DETROIT -- John Gibbons was all smiles in the visiting managers office after his Toronto Blue Jays wrapped up yet another sweep of one of the American Leagues most successful teams. Allie Long Jersey . "Were feeling good right now," Gibbons said. "Were confident, and were playing good baseball. Were rolling." Juan Francisco and Brett Lawrie hit consecutive home runs in the sixth inning off Justin Verlander, and the Blue Jays completed their first series sweep of the Detroit Tigers since 2004 with a 7-3 victory Thursday. The AL East-leading Blue Jays have won 19 of 23, including sweeps of defending champion Boston, AL West-leading Oakland and AL Central-leading Detroit. "Its a great atmosphere -- weve got a lot of positivity in here," Lawrie said. "Everyone likes to have fun, and everybodys comfortable with one another." J.A. Happ (5-2) allowed three runs and seven hits in 6 1-3 innings for Toronto. Casey Janssen got the final out for his 10th save in 11 chances. He needed only one pitch to retire Nick Castellanos on a line drive to left with two on. Melky Cabrera also homered for the Blue Jays. Verlander (6-5) allowed six runs -- five earned -- and eight hits in seven innings. He walked four and struck out four. Toronto scored three runs each in the fourth and sixth. "My fastball was great today, but I just missed some off-speed pitches," Verlander said. "If I execute those four or five pitches, this would have been a fantastic game. I feel like Im turning the corner with the mechanical adjustments Ive made. I know the results dont reflect that, but I felt great out there." With the score tied at 3, Adam Lind drew a leadoff walk in the sixth. Francisco followed with a homer to right, and Lawries drive to left made it 6-3. "Against a guy like that, you cant really be on your heels," said Lawrie, who did not have an at-bat against Verlander before Thursday. "Youve got to be ready to go. Worked a couple good at-bats against him today, and ended up putting one in play, and it ended up being big for us." It was the 10th homer of the season for both Francisco and Lawrie. Toronto has hit a major league-leading 87. The Blue Jays won despite the absence of slugger Edwin Encarnacion, who missed the game with a back issue. The Tigers are still in first place, but they should no longer feel too comfortable after dropping 13 of their last 17. The last time Detroit endured a 4-13 stretch spanned the end of the 2010 season and the beginning of 2011, according to STATS. In 2011, of course, the Tigers began a streak of three straight division titles theyre now hoping to extend. Detroit scored twice in the third and once in the fifth, but the Blue Jays had an answer each time. Ian Kinsler opened the scoring for Detroit with an RBI triple and scored on Torii Hunters sacrifice fly. But Jose Bautista led off the fourth with a flyball that Hunter and centre fielder Austin Jackson each seemed to expect the other to catch. Hunter ended up trying to make the play at the last second, and the right fielder was charged with a two-base error. The Blue Jays eventually loaded the bases with one out, and Dioner Navarro hit an RBI single. Erik Kratz followed with a two-run single to put Toronto ahead. Kinsler tied it in the fifth with an RBI groundout, but Toronto took the lead back for good the following inning. Cabrera capped the scoring with a solo shot in the ninth, and he has 10 homers on the season as well. NOTES: Castellanos had three hits. ... Bautista extended his hitting streak to 11 games with a first-inning single. ... Detroit hosts the Red Sox on Friday night. The Tigers send LHP Drew Smyly (2-4) to the mound against Boston RHP Rubby De La Rosa (1-0). ... Toronto hosts St. Louis. Blue Jays RHP Marcus Stroman (2-0) takes on Cardinals RHP Lance Lynn (6-3). Carla Overbeck Jersey . Nathan Beaulieu, Tomas Jurco, Danick Gauthier and Jonathan Huberdeau had a goal and an assist each as the Sea Dogs extended the longest streak in the Canadian Hockey League this season. Sydney Leroux Jersey . Mike Trout, Josh Hamilton and Kole Calhoun all homered to help the Los Angeles Angels get their first win of the season with an 11-1 rout of the Houston Astros. SHEFFIELD, England -- Italys Vincenzo Nibali displayed his riding smarts at the Tour de France, winning Stage 2 on Sunday and taking the yellow jersey after a well-choreographed attack on rivals in the postindustrial English city known for "The Full Monty." The Astana team leader nicknamed "The Shark" for his road savvy took the final lead in a cycling dance of sorts with other title hopefuls, who took turns in front in the last stretch through a sea of fans from York to Sheffield. Nibali perhaps had more at stake: The 29-year-old rider has won the Italian Giro and Spains Vuelta, but has never captured cyclings showcase event. The victory on Sunday gave him both his first Tour stage win and yellow jersey, and sent a message that he could contend to take it home from Paris in three weeks. With less than two kilometres left, Nibali escaped a 21-man breakaway bunch at the end of the 201-kilometre course over nine heath-covered hills of Yorkshire, and held off their late surge. England is hosting the first three Tour stages this year. GERMAN LOSES YELLOW JERSEY Marcel Kittel, a powerful German sprinter who often struggles on climbs, trailed nearly 20 minutes back and lost the yellow jersey that he had captured by winning Stage 1. While the Italian won the fight to the line, under the shadow of a black Sheffield Forgemasters tower, defending champion Chris Froome of Britain and two-time winner Alberto Contador of Spain are focusing more on the overall race -- which ends July 27 on Paris Champs-Elysees. Overall, Nibali leads 20 other riders by two seconds, including Froome in fifth place and Contador in eighth. A six-man breakaway bunch tried its chances early, but got swallowed up by the pack with less than 40 kilometres left. Then, the big race stars moved to the front, splitting the pack. Contador, Froome, and Americans Andrew Talansky and Tejay van Garderen all spent time at the front. At times, they mustered bursts of speed or zipped across with width of the road in tactical manoeuvrs. "In the finale, a lot of contenders were making moves: Nibali ended up taking two seconds on us," Froome said. "Its not a big margin. For me, it was about staying out of trouble to stay at the front, and avoiding any major issues or splits. "Im tired, but I hope everyones tired after a day like today." TIME TO WORK, ASTANA Dave Brailsford,, boss of Froomes Team Sky, said the leaders actually "were all hesitant, because nobody wanted the jersey. Rose Lavelle Jersey. " In the cycling playbook, the yellow shirt brings both glory and responsibility. Brailsford said: "Astana will have to now defend it, which is pretty good for anybody else. "Perfect. Theyve got to work." Nibali didnt dare claim he might keep it all the way to Paris, saying "the Tour de France doesnt stop here: We have three weeks to go, and very tough and tricky stages lie ahead." Mondays stage should be a far less grueling ride: Riders cover 155 kilometres from Cambridge to London, where the pack will finish on the Mall not far from Big Ben and Westminster Abbey. CROWDS FOR A CLASSIC STAGE The course Sunday resembled that of historic one-day races known as "classics," which often feature hilly terrain. Michael Rodgers, an Australian on Contadors Tinkoff-Saxo Bank team, called it "a bit of a special stage, like the Amstel Gold Race, but with 20 times the people." New roads for cyclings greatest race also mean new audiences, some of whom are so enthusiastic and eager for a selfie with the pack that they might not realize the hazards of getting too close to the riders as they go by. Untold thousands turned out just hours after one of the biggest British stars in the race, Mark Cavendish, dropped out because of pain from a separated right shoulder sustained in a crash Saturday. "There are thousands and thousands of people. Its great but its also dangerous," Contador said. Race officials say millions of fans have flooded the course route in just the first two stages. While Yorkshire doesnt have ascents on a par with the Alps or Pyrenees in France, riders faced nine low- to mid-grade climbs. The hardest was the Holme Moss pass. The steepest was also the shortest: The 800-meter Jenkin Road pass had an average gradient of 10.8 per cent. Several riders crashed. Simon Gerrans, who went down with Cavendish in Saturdays stage, also spilled -- as did van Garderen and Joachim Rodriguez, the third-place finisher in the 2013 Tour. All recovered to finish the stage. On the up-and-down, picturesque course, the 197-rider peloton scaled a narrow, cobblestone hill in Haworth, where the Bronte sisters -- the famed 19th-century novelists -- lived when their father was parson in the town. ' ' '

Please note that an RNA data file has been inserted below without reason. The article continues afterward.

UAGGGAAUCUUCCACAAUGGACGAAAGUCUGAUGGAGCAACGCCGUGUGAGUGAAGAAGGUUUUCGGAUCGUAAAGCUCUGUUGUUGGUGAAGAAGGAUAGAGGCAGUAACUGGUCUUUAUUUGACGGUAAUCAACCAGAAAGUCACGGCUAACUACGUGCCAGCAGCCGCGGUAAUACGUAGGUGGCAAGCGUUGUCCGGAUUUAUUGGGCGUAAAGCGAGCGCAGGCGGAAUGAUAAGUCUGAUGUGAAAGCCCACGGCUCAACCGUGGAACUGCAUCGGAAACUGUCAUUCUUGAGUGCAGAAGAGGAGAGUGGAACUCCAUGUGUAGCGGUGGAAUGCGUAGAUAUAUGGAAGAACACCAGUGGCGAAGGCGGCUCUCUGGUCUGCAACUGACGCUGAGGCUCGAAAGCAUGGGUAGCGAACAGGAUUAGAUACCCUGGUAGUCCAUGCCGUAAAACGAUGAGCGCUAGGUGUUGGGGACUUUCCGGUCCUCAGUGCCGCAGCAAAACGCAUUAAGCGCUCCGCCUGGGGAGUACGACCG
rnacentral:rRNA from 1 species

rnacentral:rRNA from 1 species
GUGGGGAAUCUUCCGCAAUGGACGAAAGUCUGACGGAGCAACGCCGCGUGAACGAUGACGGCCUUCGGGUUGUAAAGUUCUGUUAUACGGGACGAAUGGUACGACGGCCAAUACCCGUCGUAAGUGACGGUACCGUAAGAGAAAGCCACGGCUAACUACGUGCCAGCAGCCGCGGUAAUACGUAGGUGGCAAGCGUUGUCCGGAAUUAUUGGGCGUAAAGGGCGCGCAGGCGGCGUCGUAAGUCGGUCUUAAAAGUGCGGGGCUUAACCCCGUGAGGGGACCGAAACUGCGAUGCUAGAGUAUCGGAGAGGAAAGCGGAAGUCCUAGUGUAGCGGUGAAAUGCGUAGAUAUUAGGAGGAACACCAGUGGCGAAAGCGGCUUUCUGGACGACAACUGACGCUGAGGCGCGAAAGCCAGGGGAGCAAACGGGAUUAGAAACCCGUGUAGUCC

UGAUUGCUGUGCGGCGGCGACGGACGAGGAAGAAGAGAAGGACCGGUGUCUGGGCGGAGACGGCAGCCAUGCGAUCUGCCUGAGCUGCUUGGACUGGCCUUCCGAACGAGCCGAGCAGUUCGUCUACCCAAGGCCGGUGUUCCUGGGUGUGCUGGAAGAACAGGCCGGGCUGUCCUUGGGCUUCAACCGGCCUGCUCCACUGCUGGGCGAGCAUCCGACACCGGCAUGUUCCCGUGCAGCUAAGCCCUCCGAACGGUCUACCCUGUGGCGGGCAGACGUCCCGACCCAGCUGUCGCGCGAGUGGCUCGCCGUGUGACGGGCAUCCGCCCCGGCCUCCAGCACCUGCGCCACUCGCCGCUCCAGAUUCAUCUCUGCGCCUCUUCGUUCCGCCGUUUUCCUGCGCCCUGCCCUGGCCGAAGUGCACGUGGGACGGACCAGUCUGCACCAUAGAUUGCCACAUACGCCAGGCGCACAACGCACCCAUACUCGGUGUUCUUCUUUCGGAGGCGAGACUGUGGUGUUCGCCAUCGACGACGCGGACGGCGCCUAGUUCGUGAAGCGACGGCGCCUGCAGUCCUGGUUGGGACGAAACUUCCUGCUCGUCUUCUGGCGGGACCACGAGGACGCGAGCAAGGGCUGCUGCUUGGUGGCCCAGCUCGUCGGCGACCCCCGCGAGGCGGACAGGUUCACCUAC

the visiting managers office afte
the visiting managers office afte